Posts tagged ‘canning’
What a summer it was. I’m not sure how I feel about it really; happy it’s over, but sad at the same time, and feeling a bit guilty because I really do love summer, but I’m happier it’s over more than sad. A lot has transpired in our home and our house. The house has undergone so much transformation that I can’t even begin to describe it. My yard has been an eyesore for too long now, but I’m certain it won’t take long to get back together and it has to be done before the snow flies. The piles of stuff have killed the grass on the sunny side of the house, which has now presented itself as an opportunity to create a large vegetable garden… or at least that is what we are thinking. I’m worried about too large a garden even though I dream of growing enough organic roma tomatoes to make a slew of pasta sauce because this summer I learned that I have a fracture on my spine that will be with me for the rest of my days. I’m working to strengthen my back so that I can continue to garden, but my back needs time to heal and grow stronger. I’ll probably put the garden in anyway and cut back on other things, but not the bees.
We are getting ready to harvest our second batch of honey and then we will be helping the hive prepare for winter. Let’s keep our fingers crossed that they make it through the winter. Keeping bees has been a unique learning experience… our hive was healthy – too healthy, it swarmed, the remaining bees that were left behind created a brand new, healthy queen. Despite the swarm which meant a three week lull in honey production while the new queen hatched, mated and started laying brood (essentially starting over), we managed to extract about 40 pounds of honey so far. I suspect there is another 20 pounds still available for us… with enough left for the bees.
I planted a few more wild flowers in my flower beds this summer for the local bees (mine live too far away to forage at my house) and butterflies.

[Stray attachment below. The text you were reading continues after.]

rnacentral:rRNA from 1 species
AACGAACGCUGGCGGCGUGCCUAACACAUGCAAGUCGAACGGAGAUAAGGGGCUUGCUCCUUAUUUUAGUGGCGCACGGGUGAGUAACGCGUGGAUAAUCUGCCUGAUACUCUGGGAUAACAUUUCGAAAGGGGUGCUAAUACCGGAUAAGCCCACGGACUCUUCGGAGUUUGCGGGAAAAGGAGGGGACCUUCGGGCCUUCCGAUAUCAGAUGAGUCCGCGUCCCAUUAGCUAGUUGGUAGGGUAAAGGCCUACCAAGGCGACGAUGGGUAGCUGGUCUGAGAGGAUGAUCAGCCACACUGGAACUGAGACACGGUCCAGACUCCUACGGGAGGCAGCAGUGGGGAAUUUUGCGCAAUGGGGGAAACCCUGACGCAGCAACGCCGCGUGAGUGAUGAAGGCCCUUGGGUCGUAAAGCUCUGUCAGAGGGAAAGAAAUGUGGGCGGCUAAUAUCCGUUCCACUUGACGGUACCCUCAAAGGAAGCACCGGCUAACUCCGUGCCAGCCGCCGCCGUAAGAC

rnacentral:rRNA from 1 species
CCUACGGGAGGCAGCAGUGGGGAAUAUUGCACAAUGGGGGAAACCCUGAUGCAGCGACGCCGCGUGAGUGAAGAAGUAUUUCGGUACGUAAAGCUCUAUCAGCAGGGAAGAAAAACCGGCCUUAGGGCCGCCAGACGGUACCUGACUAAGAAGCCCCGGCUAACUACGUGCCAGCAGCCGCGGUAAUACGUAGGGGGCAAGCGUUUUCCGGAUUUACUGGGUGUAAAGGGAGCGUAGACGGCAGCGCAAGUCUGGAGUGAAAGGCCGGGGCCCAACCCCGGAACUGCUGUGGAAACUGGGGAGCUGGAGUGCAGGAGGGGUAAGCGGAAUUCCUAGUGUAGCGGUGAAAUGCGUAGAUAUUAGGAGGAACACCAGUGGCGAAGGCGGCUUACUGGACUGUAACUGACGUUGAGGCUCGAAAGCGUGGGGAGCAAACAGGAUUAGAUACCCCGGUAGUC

I made a giant batch of dill pickles with my mom and sister. We had quite the system going and were done in record time. Unfortunately, I we made the pickles at the peak of my back issues and was in agony for two days after, but I have a lot of pickles to show for it. Maybe this is something I can cut back on next year… but I still want to make sauce… dilemma.
We took a short trip to NYC. My husband had to go for work so we tagged along and I saw NCY through the eyes of a 4 year old. I highly recommend this.
We grew some veggies. We did some crafting. We started Jr. Kindergarten. We started university. We baked. We installed central air.
Now that summer is almost over, I’m happy autumn is almost here. I have a lot of fun projects and outings planned provided my back lets me. We may even finish the hallway…
De sauce was good. Very, very good. When my fussy 4 year old eats off her dad’s plate and finishes her own, I know de sauce was good. She even had thirds off my plate. I finally know what I do wrong. I cook my sauce too long; this makes it a bit bitter. I thought I was supposed to cook out the liquid, but look at all the liquid on the plate – it was sweet and light and fresh, and so very, very good. Sorry Mom, I didn’t save you any, but I’ll try to make some now that I think I know what I’m doing wrong.